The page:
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Also, one time I thought it'd be a really cleaver idea to go for a gallop bareback towwards home. She wasn't stopping because I had to hold on, but I managed to stop her before the road with a little contact and voice commands. I think if I hadn't taught her voice commands we'd have gone straight over the road.
 

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I love vocal cues! I use noises for upward transitions (cluck to trot, kiss to canter, shhh to back) and words for downward (trot to break to trot, wallllk to break from trot of canter and easyyyy or slowww to slow down). Then of course there is the almighty whoa. I think it makes my aides that much clearer to my horse. Also I make sure to keep the "conversation" between my horse and I. The whole arena does need to hear me smooching. Just light outside leg, a quick low smooch and she is loping off.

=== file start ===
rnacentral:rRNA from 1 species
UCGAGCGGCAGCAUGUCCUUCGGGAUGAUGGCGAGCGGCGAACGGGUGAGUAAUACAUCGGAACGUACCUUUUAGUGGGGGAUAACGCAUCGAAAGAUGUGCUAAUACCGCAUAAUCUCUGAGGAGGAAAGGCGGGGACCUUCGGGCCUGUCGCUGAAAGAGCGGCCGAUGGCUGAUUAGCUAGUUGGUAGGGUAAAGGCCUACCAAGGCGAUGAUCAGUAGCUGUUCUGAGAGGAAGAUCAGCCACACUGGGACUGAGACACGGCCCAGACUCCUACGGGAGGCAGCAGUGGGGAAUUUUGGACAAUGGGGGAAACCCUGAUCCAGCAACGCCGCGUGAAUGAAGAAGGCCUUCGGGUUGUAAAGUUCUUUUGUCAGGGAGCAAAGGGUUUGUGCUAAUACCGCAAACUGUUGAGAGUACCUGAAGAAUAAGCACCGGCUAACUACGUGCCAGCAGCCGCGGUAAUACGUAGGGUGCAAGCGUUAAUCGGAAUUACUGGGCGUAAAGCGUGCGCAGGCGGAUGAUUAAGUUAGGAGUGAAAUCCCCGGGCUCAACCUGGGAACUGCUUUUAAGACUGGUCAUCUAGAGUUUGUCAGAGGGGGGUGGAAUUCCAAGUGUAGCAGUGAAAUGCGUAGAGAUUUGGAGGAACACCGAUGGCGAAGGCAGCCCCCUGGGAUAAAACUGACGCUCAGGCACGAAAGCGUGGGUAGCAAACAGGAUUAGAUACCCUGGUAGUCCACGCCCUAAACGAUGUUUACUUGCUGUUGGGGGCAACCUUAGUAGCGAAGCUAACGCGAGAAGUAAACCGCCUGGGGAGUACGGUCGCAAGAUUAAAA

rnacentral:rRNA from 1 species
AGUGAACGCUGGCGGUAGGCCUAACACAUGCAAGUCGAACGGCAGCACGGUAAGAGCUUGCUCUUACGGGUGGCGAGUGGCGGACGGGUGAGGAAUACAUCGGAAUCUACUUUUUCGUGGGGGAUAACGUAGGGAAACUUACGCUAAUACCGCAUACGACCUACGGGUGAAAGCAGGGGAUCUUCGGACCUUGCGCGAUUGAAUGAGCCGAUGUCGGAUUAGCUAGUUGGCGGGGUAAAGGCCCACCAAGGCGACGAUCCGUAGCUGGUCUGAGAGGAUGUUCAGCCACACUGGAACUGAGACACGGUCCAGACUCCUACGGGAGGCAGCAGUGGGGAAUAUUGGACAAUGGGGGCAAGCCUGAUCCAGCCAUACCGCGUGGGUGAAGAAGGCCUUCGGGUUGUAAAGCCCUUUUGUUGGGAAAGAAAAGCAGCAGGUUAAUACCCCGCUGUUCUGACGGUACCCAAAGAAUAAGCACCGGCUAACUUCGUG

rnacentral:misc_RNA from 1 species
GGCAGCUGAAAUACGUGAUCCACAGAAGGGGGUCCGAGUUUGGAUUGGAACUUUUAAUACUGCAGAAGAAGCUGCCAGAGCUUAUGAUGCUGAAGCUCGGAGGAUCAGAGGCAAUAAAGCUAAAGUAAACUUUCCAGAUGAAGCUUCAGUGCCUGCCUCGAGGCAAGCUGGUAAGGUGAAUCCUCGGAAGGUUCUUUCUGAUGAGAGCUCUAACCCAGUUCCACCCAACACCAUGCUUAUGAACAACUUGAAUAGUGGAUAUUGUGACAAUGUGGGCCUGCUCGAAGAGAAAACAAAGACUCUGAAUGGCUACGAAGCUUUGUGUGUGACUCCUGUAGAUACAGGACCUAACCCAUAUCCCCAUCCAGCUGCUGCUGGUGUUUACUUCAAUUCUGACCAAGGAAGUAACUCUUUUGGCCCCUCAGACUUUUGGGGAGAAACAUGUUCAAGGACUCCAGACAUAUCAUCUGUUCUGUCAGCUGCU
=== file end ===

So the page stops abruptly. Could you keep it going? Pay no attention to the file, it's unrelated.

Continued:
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I use my voice a lot when I'm on the ground with one of out in the pasture with many.

Not much when I'm horseback. Unless I'm telling the horse a story as we go along. Then I might have to say "Hey! Wake up!"
 

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I use verbal cues. It's pretty bad when the most pessimistic of all horse people (farriers) says that my horses understand English. LOL
 

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I have trained my horse to verbal cues, and could use them if I wanted, but he's so in tune with what my body is telling him that I don't really need to use them.